A significant shift has occurred in my journey which has brought a new sense of calm as I soar above the clouds. The peace I have gained when I fly is fresh, new, and comes as an unexpected gift.
Flying is something that never came easy to me. Getting on a plane means holding fast to anxiety-calming traditions and packing as much courage as I can gather. My journey of flying holds fear, terror, risk, and moments of questioning God followed by moments of pleading with God. There has been an oppressive war around my ability to get on a plane and travel from one place to another.
I have had the privilege to fly many times and far too many of those flights have had severe turbulence along with other gut-punching hiccups. My friends have noticed the pattern and even joke (with a hint of promise) to never hop on a flight with me. It isn’t about the fear of heights or sickness as it is the lack-of-control-tornado that rumbles inside of me from take off until landing.
My most terrifying flight came with the risk I took when I said yes to leading a six week Campus Ministry trip to Paris. The risk of saying yes was embodied in the two flights that came with 12 hours above the clouds.
The morning my team and I were scheduled for take off, I noticed that the weather report didn’t work in my favor, as it predicted stormy weather. I was boarding my first of two flights, to Canada. A few staff leaders and 15 college students eagerly and nervously prepared to leave home and head overseas for an adventure. I found my seat next to one of my students, named Emily. We engaged in some small talk as I meticulously walked through my calming rituals. First, I checked for the “get sick” bag in the front seat pocket to be assured I had one, then, I opened my air vents, re-adjusted my thin flimsy seat belt, double checked to make sure I had my water bottle in an easy to reach spot, and did my thorough scan for the bathrooms.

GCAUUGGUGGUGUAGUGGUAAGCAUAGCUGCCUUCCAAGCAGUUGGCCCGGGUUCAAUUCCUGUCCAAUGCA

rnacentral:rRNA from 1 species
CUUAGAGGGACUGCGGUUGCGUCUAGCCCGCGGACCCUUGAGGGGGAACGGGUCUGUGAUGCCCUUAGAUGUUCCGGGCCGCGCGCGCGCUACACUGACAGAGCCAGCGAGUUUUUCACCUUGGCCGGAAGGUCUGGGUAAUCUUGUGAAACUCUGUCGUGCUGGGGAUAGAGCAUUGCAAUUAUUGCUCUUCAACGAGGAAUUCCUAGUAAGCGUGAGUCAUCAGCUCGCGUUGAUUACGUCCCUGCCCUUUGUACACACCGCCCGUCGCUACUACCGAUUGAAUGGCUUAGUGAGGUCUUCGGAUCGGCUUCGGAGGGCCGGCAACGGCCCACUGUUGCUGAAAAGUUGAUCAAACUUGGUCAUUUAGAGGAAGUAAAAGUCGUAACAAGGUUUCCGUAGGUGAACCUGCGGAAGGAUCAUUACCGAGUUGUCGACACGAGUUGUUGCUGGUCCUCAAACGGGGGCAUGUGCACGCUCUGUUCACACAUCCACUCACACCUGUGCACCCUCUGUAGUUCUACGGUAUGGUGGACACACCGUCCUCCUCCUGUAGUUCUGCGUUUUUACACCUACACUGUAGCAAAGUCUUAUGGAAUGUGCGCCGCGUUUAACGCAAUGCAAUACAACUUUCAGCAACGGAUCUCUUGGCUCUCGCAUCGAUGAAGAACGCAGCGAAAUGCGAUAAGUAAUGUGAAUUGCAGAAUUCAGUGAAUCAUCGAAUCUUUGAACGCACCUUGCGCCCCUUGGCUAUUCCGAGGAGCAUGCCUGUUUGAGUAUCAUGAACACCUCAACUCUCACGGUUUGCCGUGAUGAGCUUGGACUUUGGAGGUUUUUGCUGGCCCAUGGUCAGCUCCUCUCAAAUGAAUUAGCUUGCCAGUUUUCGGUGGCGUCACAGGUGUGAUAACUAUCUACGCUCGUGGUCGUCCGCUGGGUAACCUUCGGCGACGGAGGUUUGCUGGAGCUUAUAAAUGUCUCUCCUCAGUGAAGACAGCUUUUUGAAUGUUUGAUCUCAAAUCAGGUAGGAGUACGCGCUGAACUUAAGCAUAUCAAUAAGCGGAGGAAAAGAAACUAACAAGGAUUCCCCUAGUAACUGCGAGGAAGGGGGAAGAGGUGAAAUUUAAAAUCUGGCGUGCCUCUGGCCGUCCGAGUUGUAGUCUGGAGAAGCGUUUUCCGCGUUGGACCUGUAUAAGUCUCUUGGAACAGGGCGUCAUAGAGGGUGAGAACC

Our big plane took off with a lot of a swift force and might. The view out my plane window was a dark gray sky. I leaned into the isle and rechecked to make sure I could see the flight attendant who was buckled in and sitting in the center of my aisle view. She looked calm and unamused which brought me a little peace.
Within a few minutes of take off, we began hitting some bumpy air pockets and I started praying for it to pass quickly. It didn’t, it got worse. Suddenly an oddly bright light flashed through the windows and within the next second I heard a loud POW! What was that? What just happened? It sounded like something on the plane had backfired, and I waited for our plane to drop at any second. I searched the eyes of those around me and everyone seemed a little startled. I immediately started sobbing, an overflow of fear and helplessness. My sobbing alerted the flight attendant and she got up from her seat and carefully made her way to my row in the midst of the ongoing turbulence. She asked me if I was ok and if I needed anything. I asked her what had happened and she said “I think we just got hit by lightning”. I sobbed even harder. She sought to calm me by bringing me some water and crackers. She gave me a heads up that the rest of our flight was going to be a bit bumpy but the plane was okay. I sat in my seat filled with anger, exhaustion and lingering fear. I was mad that I couldn’t control anything and that I had said yes to leading this trip. I wondered how I would get on the next flight to our final destination. Our landing was far from graceful and smooth, but at least this fight was done.
It took my entire three hour layover to calm my mind and body and yet, somehow through lots of prayer and a friend’s tight hand grip, I made it through the next flight and landed in Paris. I was thankful to be on the ground but now held the ambivalence of my flight trauma with the beauty of a new city awaiting my eyes and curiosity.
That flight did not kept me grounded.
I continued to take risks and fly, and I continued to experience a turbulent oppressive war amidst the clouds.
Until last August.
I was flying home from a life changing workshop in Seattle and I noticed a shift. I was on the plane but something felt extraordinarily different. There was Shalom inside of me. I became curious about it and wondered what had changed. As we prepared to land I noticed the joy inside of me increasing. I tested the moment by withholding my fierce “airplane grip”. We touched down and I was in complete awe, because I realized that something new had come to be and this new was filled with freedom, excitement and mystery. The heavy dark war of fear was over and I could fly!
Sandhya Oaks is a speaker, advocate, and co-founder of The Adoption Triad. She is passionate about story work, racial reconciliation, developing leaders and has a craving for adventure both near and far! Born in India and adopted at age one, she grew up in Wisconsin and is now based out of the Minneapolis Area. Sandhya is on Staff with Cru (formerly Campus Crusade for Christ) and also serves with The Lenses Institute.